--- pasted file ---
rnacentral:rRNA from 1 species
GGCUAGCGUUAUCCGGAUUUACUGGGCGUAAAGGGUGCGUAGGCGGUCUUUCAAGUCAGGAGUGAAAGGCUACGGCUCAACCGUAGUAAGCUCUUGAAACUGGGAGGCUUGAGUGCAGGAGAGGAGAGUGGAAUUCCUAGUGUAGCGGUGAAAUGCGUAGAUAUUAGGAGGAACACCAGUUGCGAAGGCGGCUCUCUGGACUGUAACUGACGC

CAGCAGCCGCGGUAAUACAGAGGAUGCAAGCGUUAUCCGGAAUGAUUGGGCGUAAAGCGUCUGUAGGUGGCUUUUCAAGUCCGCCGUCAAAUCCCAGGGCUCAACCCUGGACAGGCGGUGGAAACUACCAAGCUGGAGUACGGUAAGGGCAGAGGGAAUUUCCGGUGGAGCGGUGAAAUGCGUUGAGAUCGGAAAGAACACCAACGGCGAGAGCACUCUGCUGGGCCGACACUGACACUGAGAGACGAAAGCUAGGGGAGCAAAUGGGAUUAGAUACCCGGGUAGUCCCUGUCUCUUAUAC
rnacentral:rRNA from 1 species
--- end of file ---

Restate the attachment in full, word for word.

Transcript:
rnacentral:rRNA from 1 species
GGCUAGCGUUAUCCGGAUUUACUGGGCGUAAAGGGUGCGUAGGCGGUCUUUCAAGUCAGGAGUGAAAGGCUACGGCUCAACCGUAGUAAGCUCUUGAAACUGGGAGGCUUGAGUGCAGGAGAGGAGAGUGGAAUUCCUAGUGUAGCGGUGAAAUGCGUAGAUAUUAGGAGGAACACCAGUUGCGAAGGCGGCUCUCUGGACUGUAACUGACGC

CAGCAGCCGCGGUAAUACAGAGGAUGCAAGCGUUAUCCGGAAUGAUUGGGCGUAAAGCGUCUGUAGGUGGCUUUUCAAGUCCGCCGUCAAAUCCCAGGGCUCAACCCUGGACAGGCGGUGGAAACUACCAAGCUGGAGUACGGUAAGGGCAGAGGGAAUUUCCGGUGGAGCGGUGAAAUGCGUUGAGAUCGGAAAGAACACCAACGGCGAGAGCACUCUGCUGGGCCGACACUGACACUGAGAGACGAAAGCUAGGGGAGCAAAUGGGAUUAGAUACCCGGGUAGUCCCUGUCUCUUAUAC
rnacentral:rRNA from 1 species